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Why People Faint

A pathway between heart and brain may drive syncope.

Key points

  • Fainting affects up to 40 percent of people due to factors like heat and hunger.
  • A new study reveals a neural pathway controlling fainting, challenging the belief of reduced blood flow.
  • Researchers used RNA sequencing to identify unique neurons linked to the heart and brain.
  • Activation of these neurons induces fainting symptoms, offering insights for potential treatments.

Beware of fainting-fits… though at the time they may be refreshing and agreeable, yet believe me: they will, in the end, if too often repeated and at improper seasons, prove destructive to your constitution.” —Jane Austen, Love and Friendship

From being overwhelmed to overheating to encountering a particularly menacing needle, approximately 40 percent of the population has had the awkward experience of fainting at least once. Yet the precise mechanisms behind these brief moments of unconsciousness, scientifically termed syncope, have in large part remained a mystery.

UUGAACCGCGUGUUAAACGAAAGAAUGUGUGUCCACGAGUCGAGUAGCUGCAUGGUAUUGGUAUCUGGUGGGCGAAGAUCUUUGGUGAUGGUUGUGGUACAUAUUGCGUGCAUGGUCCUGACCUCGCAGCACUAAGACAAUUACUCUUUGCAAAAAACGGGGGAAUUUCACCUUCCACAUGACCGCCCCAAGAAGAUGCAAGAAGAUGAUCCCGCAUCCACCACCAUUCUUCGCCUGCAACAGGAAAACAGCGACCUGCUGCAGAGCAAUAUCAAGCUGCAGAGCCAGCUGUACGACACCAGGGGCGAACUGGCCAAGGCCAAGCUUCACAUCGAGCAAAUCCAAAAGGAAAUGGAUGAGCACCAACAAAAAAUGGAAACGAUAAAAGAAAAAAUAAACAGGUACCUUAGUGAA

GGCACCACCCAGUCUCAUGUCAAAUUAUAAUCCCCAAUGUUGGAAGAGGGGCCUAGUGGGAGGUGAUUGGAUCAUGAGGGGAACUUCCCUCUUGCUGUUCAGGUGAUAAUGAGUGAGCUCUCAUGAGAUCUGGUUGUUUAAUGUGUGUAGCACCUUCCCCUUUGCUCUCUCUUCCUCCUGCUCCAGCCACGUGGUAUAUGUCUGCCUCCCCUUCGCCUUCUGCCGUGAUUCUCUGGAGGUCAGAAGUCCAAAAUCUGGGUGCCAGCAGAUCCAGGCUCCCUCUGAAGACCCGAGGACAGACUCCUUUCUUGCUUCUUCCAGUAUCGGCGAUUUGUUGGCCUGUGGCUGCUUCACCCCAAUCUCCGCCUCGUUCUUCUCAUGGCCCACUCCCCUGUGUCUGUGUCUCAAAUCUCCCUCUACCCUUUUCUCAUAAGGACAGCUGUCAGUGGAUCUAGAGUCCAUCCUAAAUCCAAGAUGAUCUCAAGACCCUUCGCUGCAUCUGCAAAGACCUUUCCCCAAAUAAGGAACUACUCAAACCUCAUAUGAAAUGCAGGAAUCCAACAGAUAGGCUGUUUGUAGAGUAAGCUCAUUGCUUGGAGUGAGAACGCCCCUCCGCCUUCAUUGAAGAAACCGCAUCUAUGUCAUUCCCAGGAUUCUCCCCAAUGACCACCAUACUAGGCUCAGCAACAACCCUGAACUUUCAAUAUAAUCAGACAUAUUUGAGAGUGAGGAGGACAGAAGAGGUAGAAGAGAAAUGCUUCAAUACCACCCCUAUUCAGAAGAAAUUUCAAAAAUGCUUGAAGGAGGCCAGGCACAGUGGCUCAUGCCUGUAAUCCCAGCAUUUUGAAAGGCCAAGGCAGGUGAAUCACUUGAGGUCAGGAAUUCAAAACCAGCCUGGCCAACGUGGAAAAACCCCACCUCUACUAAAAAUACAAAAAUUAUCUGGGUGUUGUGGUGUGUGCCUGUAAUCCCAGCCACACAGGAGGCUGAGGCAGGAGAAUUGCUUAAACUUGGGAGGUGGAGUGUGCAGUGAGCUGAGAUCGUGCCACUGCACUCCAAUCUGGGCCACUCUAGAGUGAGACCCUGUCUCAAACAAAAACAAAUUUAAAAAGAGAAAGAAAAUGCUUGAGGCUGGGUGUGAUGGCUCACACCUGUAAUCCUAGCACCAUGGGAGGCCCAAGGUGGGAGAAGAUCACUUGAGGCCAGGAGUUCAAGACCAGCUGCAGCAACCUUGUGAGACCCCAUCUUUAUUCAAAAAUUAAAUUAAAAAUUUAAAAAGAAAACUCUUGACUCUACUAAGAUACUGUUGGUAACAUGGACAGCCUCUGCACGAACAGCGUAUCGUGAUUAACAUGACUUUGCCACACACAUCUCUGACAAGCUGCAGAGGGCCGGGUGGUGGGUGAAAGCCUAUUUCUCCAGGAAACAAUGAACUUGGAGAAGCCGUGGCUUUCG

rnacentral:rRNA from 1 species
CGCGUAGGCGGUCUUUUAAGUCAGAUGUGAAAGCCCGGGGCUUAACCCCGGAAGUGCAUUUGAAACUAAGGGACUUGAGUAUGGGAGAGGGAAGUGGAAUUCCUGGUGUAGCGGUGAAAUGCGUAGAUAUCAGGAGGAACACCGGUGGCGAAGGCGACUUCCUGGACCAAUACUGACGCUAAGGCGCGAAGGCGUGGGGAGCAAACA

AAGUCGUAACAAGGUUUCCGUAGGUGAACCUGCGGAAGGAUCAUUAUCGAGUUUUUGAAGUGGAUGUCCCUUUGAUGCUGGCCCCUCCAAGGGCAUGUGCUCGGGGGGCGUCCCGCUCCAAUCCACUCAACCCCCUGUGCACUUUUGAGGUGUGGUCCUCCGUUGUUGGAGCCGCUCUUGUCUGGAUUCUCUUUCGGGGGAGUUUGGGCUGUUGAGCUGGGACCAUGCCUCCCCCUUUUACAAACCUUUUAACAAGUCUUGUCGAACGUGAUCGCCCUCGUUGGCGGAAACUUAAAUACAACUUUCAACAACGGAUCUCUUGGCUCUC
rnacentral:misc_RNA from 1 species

Oh, gasp.

People faint for various reasons, whether due to heat, hunger, standing for prolonged periods, or even the sight of blood. Gender differences in fainting susceptibility can be attributed to hormonal fluctuations, lower blood volume, orthostatic intolerance, heightened vagus nerve sensitivity, and vasodilation. But fainting vulnerability varies among individuals and isn't solely tied to gender, with other factors like age, overall health, and individual variations also contributing to the phenomenon.

A groundbreaking new study (Lovelace, J. W et al., 2023) has uncovered a neural pathway in mice that appears crucial for controlling fainting. Connecting the heart to the brainstem, this pathway includes sensory neurons that, when activated, induce rapid loss of consciousness, mimicking symptoms observed during human syncope. This discovery challenges the belief that fainting solely results from reduced blood flow to the brain.